Warning: This is pretty much angst-free and unabashedly fluffy...

The Book of Love

It seemed so long ago that their story had started. A bushy-haired, brown-eyed girl and a greasy-haired, hook-nosed man twenty years her senior….

I know the answers, she thought. Why isn't he calling on me? Her hand was in the air, waving wildly, as the black-haired boy with the curious scar stammered out his ignorance. Harry Potter - she had met him on the train. The thin, tall man asking the questions was roundly ignoring her.

She had been mesmerized by the words of the Potions master. Bewitching the mind, ensnaring the senses….His voice was low, almost a whisper, enthralling her with every word. Here was reality – she was part of this world now, this world where paintings talked and owls brought mail. Where you could bottle fame and brew glory. And this man would teach her.

The questions weren't hard. And so she waved her hand higher and higher, trying to show him that she had prepared, had studied, even if Potter hadn't. She wasn't a dunderhead, even if she had spent the last decade wondering what the heck was the matter with her, why strange things kept happening around her. Until Professor McGonagall had come with her Hogwarts letter, and had explained to her and her parents that there was a whole world they had never even known existed, and that Hermione was a part of that world.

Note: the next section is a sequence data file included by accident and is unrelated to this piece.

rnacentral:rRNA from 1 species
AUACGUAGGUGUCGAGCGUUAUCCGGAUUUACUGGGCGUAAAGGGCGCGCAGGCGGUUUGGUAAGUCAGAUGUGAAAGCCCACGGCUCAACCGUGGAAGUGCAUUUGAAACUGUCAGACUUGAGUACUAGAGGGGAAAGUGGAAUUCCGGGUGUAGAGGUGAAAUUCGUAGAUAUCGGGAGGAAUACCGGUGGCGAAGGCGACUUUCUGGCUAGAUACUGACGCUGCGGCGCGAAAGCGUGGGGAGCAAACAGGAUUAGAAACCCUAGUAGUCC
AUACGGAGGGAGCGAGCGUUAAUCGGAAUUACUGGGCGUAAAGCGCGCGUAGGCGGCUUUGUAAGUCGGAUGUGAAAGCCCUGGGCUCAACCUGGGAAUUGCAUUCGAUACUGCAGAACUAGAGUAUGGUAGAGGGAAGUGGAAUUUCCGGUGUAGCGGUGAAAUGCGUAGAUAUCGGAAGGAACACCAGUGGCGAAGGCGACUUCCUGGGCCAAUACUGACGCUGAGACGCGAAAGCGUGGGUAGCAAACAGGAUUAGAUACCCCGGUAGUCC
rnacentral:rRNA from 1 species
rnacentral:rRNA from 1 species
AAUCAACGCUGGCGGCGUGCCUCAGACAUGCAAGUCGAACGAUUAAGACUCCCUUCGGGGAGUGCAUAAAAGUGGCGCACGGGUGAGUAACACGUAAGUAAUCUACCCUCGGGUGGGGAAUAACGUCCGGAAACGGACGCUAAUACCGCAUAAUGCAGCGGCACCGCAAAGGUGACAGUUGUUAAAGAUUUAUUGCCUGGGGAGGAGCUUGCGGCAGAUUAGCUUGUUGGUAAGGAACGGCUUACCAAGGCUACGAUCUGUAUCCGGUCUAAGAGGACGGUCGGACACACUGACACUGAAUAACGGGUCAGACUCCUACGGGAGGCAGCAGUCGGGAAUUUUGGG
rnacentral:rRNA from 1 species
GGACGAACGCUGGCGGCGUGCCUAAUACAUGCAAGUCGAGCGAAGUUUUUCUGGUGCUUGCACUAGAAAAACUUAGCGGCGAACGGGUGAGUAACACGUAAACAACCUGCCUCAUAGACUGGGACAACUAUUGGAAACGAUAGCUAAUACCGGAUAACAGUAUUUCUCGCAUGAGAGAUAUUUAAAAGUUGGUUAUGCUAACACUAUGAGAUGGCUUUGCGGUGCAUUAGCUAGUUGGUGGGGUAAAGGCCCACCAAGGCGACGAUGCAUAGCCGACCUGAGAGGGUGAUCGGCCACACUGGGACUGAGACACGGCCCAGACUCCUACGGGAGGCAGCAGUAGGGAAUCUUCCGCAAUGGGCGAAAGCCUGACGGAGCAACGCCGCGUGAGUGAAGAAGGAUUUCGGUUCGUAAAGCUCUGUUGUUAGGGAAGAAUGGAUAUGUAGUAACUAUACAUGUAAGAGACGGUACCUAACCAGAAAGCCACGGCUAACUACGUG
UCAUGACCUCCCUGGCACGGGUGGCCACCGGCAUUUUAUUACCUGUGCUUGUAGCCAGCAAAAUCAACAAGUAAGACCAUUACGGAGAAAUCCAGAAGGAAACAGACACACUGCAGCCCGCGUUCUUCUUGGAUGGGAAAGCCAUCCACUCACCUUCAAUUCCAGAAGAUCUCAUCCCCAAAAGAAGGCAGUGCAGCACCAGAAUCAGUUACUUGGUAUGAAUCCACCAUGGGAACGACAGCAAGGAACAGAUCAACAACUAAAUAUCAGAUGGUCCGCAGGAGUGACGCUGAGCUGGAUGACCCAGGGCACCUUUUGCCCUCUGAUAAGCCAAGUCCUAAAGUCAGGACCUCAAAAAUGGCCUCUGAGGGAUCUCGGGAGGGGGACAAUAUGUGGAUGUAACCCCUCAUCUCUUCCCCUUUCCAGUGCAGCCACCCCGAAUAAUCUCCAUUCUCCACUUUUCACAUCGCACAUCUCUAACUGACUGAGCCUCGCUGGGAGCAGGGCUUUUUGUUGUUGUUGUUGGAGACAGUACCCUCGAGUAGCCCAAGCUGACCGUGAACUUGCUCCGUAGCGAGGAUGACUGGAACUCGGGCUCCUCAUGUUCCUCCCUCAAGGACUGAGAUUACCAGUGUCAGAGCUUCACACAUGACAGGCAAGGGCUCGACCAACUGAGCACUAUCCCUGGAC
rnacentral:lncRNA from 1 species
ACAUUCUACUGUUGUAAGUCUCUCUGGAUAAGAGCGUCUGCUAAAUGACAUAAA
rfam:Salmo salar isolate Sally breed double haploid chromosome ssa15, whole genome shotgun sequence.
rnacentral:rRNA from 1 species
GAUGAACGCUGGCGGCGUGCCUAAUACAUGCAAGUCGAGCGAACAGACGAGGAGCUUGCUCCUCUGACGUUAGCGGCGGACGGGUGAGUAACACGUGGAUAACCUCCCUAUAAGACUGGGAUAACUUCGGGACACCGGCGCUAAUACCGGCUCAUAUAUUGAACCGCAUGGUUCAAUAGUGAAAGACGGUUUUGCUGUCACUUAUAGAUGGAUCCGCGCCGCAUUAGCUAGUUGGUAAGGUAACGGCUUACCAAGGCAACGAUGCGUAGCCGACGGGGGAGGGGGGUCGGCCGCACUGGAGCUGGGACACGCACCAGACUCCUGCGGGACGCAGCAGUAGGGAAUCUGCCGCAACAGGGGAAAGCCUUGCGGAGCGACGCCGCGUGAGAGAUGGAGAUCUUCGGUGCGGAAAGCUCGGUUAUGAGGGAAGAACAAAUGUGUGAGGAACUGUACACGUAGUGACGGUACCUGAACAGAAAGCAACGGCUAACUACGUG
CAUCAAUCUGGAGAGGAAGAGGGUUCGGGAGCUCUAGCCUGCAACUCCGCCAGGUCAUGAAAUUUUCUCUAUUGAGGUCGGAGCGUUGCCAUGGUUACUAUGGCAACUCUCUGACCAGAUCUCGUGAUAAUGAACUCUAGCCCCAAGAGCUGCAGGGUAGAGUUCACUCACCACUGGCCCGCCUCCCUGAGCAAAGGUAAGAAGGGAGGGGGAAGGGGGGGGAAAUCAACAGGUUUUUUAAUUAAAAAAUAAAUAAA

It had been a relief, like finally getting a diagnosis for a chronic condition that had puzzled the doctors. The black-haired, stern woman had put a name to the strangeness that had been Hermione's life. She, the daughter of two dentists, was a witch. And now she was here, just one witch among many witches and wizards.

"Sit down," the Potions master snapped at her. His voice had lost the quality it had had before; it sounded petulant and waspish now. She did as told and sat down, humiliated. Yes, later she realized she had been too over-eager, too intent on showing off to him what she knew. But right then, it had hurt.

It had been like that all through her school years, one step forward and two steps back, a complicated dance that sometimes moved her closer to him before taking her further away. One minute there would be awe and admiration, the next humiliation and anger.

She had misjudged him, over and over again. Maybe it was because he looked like the archetypical villain. Maybe it was because moments of greatness were followed by moments of astounding pettiness. Maybe because the riddle that was Severus Snape was the hardest she would ever have to figure out. And just when she thought she had got close to solving it, when after the last battle she had finally come to realize what an astounding man he was, even as the rest of the wizarding world ignored all he had done, she had passed her N.E.W.T.s and left Hogwarts.

Yet sometimes in her dreams, she still heard his voice, the voice that could read the Encyclopedia of Toadstools to her and make it sound captivating, and saw his eyes, dark, glittering, and fathomless, bewitching her mind, ensnaring her senses...